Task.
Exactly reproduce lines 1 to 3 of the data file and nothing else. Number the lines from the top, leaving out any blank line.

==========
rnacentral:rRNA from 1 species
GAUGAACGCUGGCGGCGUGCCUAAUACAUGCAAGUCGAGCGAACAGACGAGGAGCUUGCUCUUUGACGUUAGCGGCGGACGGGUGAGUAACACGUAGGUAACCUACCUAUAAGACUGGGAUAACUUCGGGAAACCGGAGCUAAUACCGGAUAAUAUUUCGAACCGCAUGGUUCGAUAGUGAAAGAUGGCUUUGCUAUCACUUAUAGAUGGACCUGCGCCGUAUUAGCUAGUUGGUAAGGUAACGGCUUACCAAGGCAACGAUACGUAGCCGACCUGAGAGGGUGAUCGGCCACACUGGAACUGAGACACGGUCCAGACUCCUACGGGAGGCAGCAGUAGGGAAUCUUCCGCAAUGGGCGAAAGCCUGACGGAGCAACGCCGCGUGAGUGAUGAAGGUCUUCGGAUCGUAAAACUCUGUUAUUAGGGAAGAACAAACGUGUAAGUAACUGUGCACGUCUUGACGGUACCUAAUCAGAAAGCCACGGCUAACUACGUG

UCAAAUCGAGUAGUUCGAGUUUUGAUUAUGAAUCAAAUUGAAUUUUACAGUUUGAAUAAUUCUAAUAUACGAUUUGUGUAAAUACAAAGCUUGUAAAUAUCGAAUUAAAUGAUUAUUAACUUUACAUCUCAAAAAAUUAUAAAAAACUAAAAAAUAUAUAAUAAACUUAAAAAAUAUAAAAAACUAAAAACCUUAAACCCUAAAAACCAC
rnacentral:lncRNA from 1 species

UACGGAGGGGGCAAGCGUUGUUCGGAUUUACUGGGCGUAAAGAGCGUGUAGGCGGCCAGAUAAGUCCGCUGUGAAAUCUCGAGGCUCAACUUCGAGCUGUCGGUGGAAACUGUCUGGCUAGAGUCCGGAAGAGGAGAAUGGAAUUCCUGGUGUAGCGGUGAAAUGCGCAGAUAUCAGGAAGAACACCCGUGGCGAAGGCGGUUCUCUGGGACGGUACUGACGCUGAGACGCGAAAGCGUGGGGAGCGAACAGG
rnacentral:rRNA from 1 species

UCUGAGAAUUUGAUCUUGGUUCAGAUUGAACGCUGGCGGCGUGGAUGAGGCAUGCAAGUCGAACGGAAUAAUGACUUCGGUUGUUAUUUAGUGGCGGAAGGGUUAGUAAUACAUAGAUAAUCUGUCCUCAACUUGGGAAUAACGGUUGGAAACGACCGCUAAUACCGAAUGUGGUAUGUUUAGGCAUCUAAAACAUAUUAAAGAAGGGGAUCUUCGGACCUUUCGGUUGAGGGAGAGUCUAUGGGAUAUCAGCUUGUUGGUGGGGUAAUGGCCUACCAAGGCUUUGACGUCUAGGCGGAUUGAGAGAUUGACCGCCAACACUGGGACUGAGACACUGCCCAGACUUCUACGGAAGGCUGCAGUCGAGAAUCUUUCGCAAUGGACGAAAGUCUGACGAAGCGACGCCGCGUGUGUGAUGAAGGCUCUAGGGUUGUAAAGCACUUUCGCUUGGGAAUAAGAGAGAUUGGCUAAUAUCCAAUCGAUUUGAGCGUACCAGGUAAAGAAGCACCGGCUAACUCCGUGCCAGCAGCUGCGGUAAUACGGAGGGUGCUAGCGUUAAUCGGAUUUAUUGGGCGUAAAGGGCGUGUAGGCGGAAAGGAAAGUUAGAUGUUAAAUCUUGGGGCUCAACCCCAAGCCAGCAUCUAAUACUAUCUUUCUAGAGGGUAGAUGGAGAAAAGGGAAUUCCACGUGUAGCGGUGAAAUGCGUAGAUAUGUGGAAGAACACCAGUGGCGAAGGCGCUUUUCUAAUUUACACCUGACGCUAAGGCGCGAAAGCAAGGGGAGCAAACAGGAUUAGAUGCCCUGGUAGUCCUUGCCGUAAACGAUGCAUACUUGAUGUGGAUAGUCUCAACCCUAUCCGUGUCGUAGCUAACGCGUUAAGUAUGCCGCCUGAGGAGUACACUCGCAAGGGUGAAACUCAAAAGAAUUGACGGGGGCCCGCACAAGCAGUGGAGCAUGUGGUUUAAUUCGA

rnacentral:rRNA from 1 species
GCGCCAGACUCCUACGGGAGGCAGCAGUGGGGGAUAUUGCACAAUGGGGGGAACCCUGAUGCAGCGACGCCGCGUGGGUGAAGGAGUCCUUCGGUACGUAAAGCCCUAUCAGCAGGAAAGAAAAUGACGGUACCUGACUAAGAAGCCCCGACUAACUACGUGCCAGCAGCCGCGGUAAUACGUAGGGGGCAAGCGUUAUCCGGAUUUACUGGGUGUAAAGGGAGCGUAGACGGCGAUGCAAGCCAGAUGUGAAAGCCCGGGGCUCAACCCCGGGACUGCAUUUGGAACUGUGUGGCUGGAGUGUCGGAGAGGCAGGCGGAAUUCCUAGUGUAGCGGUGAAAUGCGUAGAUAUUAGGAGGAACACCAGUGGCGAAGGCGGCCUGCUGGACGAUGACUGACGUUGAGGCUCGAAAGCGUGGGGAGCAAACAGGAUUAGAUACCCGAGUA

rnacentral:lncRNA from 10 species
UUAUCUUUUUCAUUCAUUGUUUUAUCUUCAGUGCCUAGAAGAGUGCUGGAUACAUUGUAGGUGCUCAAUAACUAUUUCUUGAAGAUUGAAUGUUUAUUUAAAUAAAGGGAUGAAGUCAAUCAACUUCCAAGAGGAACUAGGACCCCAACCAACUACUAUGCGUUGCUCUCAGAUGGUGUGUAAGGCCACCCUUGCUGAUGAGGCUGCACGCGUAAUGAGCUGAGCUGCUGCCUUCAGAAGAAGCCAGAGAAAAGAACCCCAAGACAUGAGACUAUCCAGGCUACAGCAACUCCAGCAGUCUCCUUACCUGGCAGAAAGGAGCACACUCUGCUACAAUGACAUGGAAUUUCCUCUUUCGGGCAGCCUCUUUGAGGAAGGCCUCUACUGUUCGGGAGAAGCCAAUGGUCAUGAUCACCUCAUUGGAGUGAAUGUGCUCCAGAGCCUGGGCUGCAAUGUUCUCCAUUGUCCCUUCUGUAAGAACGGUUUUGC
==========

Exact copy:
rnacentral:rRNA from 1 species
GAUGAACGCUGGCGGCGUGCCUAAUACAUGCAAGUCGAGCGAACAGACGAGGAGCUUGCUCUUUGACGUUAGCGGCGGACGGGUGAGUAACACGUAGGUAACCUACCUAUAAGACUGGGAUAACUUCGGGAAACCGGAGCUAAUACCGGAUAAUAUUUCGAACCGCAUGGUUCGAUAGUGAAAGAUGGCUUUGCUAUCACUUAUAGAUGGACCUGCGCCGUAUUAGCUAGUUGGUAAGGUAACGGCUUACCAAGGCAACGAUACGUAGCCGACCUGAGAGGGUGAUCGGCCACACUGGAACUGAGACACGGUCCAGACUCCUACGGGAGGCAGCAGUAGGGAAUCUUCCGCAAUGGGCGAAAGCCUGACGGAGCAACGCCGCGUGAGUGAUGAAGGUCUUCGGAUCGUAAAACUCUGUUAUUAGGGAAGAACAAACGUGUAAGUAACUGUGCACGUCUUGACGGUACCUAAUCAGAAAGCCACGGCUAACUACGUG

UCAAAUCGAGUAGUUCGAGUUUUGAUUAUGAAUCAAAUUGAAUUUUACAGUUUGAAUAAUUCUAAUAUACGAUUUGUGUAAAUACAAAGCUUGUAAAUAUCGAAUUAAAUGAUUAUUAACUUUACAUCUCAAAAAAUUAUAAAAAACUAAAAAAUAUAUAAUAAACUUAAAAAAUAUAAAAAACUAAAAACCUUAAACCCUAAAAACCAC